The “Batdance” single (edited for the 7-inch – Warner Bros. 7-22924, 1989) was backed by a B-side, “200 Balloons.” This awesome track (probably intended for the parade sequence and way, way better than “Trust”) seems to have formed the basis for much of the “Batdance” samples and itself samples a few other Prince songs, including “Rave Unto the Joy Fantastic” (which would later get a release on Prince’s identically-titled 1999 semi-comeback album). The 12″ single (Warner Bros. 0-21257, 1989) included two remixes of “Batdance” by William Orbit (one, “The Batmix,” was based on the main portion of the song, while “The Vicki Vale Mix” was taken from the funky B-section of the song).
“Partyman” featured an old B-side on its single (Warner Bros. 7-22814, 1989), a song called “Feel U Up.” This tune was written during the Controversy era but committed to tape for the aborted Camille LP in 1986. (Only certain 12″ singles – notably the U.K. version (Warner Bros. W2814T, 1989) had the “Long Stroke” of the B-side, while most had the “Short Stroke.”) The A-side was remixed thrice for the 12″ (Warner Bros. 0-21370, 1989), as “The Video Mix,” “The Purple Party Mix” and “Partyman Music Mix,” which sampled from a few of Prince’s other cuts over the years.
“The Arms of Orion” avoided any remixes, offering only an edit of the song and a new B-side, “I Love U in Me,” on the single (Warner Bros. 7-22757, 1989). (Note: all three of the previous B-sides – “200 Balloons,” “Feel U Up (Short Stroke)” and “I Love U in Me” can be found on the third disc of The Hits/The B-Sides.)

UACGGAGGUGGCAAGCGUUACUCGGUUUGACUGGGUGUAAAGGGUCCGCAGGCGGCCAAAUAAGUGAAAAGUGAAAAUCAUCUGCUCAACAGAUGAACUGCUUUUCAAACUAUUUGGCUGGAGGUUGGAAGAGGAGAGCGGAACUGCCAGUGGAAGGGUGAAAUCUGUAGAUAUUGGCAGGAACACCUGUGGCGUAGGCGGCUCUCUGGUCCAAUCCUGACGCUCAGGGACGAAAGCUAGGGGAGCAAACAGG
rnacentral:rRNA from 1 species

“Scandalous” was an ambitious single. While the 45 (Warner Bros. 7-22824, 1989) only offered Lovesexy‘s “When 2 R in Love” on the B-side, a 12″ and CD EP called The Scandalous Sex Suite (Warner Bros. 0-21422, 1989) featured a three-part remix of the song with a guest appearance from Kim Basinger (whom Prince was apparently dating at the time) and a lengthy, Camille-esque B-side, “Sex (the ’80s are over and the time has come 4 love and trust).”
Finally, European audiences got one more single. William Orbit was commissioned again to remix “The Future” (Warner Bros. 5439-19782-7, 1990) and provided a longer remix of that track as well as “Electric Chair” on 12″ and CD (Warner Bros. 7599-21570-0, 1990).
Two known outtakes from this album circulate among bootleggers. The first is “Dance with the Devil,” an unused song based around one of the Joker’s most oddly poetic lines in the film, and the second is an extended mix of “Batdance” that clocks in at over eight minutes.